Newport scrap metal dealer 'first in UK' to be fined under new law

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David Eagle
Image caption,
David Eagle was caught by undercover police posing as scrap metal dealers

A scrap metal dealer from Newport is believed to be the first in the UK to be prosecuted for not checking sellers' ID under new laws introduced in March.

David Eagle, 52, paid undercover police officers without seeing documents needed to legally sell scrap metal after they said they were not local.

He was convicted of paying for scrap metal with cash and fined £225.

The Scrap Metal Dealers Act was brought in to tackle the estimated 1,000 metal thefts carried out each week in the UK.

Railway lines, statues, plaques and railings are among the metal items stolen costing the country around £220m each year.

Eagle, director of D & E Scrap Metal Ltd, admitted paying for the metal with cash and failing to comply with regulations.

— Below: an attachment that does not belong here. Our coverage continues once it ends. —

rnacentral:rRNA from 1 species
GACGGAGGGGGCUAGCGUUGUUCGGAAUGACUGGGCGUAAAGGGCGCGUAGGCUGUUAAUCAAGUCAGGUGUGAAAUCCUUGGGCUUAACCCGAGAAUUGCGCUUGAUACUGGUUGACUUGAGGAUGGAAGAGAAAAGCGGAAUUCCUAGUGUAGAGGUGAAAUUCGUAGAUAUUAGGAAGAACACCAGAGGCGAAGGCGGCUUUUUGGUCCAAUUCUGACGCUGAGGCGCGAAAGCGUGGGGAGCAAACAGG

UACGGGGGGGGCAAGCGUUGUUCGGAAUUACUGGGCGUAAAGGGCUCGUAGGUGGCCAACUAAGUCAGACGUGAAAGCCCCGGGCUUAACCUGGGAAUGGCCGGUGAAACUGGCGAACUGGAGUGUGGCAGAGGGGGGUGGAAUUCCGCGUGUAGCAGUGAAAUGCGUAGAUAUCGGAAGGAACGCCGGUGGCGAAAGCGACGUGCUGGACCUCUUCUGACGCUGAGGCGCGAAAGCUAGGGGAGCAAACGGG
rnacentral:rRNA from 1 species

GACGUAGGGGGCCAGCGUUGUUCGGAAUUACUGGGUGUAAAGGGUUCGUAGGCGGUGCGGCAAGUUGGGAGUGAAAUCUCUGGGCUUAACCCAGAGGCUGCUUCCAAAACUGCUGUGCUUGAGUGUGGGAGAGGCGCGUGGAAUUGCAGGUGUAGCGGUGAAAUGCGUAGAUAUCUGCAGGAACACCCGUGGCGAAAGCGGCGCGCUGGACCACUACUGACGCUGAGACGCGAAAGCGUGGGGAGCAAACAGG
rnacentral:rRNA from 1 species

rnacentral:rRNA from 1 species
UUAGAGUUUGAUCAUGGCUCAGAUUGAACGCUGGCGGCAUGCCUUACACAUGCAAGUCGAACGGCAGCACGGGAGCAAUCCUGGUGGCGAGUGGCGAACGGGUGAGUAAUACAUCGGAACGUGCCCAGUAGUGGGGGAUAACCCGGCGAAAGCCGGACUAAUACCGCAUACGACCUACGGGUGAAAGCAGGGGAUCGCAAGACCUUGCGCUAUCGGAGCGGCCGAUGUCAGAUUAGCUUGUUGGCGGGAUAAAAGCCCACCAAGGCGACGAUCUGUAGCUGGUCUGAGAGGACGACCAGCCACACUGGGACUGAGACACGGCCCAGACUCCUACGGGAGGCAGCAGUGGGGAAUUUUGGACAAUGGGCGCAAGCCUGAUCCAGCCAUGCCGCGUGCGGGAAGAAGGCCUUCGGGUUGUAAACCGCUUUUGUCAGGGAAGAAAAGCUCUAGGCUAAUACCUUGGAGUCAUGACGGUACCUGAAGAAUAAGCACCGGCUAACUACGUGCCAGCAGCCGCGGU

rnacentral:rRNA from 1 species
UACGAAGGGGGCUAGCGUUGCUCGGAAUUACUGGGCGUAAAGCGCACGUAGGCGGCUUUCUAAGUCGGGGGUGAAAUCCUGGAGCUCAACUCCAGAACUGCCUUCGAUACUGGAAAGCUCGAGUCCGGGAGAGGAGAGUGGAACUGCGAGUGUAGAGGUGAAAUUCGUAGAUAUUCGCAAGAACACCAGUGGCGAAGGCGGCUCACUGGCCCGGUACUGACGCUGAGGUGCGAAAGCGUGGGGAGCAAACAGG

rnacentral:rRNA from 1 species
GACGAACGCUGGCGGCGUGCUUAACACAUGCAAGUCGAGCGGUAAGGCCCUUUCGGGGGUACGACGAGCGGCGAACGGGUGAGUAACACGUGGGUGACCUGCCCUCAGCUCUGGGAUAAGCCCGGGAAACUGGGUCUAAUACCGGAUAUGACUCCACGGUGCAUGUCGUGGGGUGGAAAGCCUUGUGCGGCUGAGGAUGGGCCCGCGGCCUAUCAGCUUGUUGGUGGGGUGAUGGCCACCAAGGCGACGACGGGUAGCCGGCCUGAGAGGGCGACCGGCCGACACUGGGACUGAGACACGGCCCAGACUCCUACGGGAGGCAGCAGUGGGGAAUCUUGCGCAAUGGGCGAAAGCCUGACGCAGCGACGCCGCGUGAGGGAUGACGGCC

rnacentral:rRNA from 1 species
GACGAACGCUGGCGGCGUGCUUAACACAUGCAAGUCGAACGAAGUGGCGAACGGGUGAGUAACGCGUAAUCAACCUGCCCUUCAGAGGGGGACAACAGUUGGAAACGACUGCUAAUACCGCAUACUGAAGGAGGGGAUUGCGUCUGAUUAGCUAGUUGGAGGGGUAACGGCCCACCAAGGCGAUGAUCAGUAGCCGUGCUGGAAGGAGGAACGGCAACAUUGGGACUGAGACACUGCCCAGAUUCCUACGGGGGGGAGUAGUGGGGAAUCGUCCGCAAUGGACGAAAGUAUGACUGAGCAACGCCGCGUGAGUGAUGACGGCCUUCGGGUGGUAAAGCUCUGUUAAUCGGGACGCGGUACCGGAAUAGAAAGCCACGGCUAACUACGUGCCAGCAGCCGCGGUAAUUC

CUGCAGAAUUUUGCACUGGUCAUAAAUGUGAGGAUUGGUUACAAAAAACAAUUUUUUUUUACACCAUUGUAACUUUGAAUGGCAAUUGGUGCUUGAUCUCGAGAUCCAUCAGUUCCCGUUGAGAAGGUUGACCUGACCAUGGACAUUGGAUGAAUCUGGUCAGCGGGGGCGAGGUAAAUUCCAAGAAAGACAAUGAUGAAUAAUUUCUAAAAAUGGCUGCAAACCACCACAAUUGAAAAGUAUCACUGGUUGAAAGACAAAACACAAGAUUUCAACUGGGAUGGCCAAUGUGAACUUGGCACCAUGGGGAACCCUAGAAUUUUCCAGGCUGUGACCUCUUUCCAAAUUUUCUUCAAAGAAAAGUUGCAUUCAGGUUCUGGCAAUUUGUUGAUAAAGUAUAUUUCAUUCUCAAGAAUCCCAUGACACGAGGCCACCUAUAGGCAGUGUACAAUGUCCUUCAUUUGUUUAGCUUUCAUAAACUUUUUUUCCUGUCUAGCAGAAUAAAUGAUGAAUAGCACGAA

Cwmbran Magistrates Court heard two undercover officers posing as scrap metal dealers were initially told by Eagle that he could not buy their metal as they did not have the correct documentation.

However he changed his mind when one told him they were from Wolverhampton and would not be able to get hold of the documents.

The court was told he then paid £9 for the metal in cash.

'Tighten the net'

Supt Glyn Fernquest of Gwent Police said: "Whilst the problem of metal theft has vastly reduced, there are still those who engage in this dangerous and criminal practice.

"They are only able to operate if unscrupulous scrap dealers flout laws and pay cash without asking questions."

The UK government's crime prevention minister Jeremy Browne said: "Metal theft affects everyone - from the stealing of cables that delay rail journeys home to the theft of church roofs which is extremely dangerous and costs hours of police time.

"The measures we have taken have already achieved significant reductions in metal theft across the UK.

"This new legislation has helped tighten the net around rogue dealers who flout the rules and wilfully purchase stolen metals."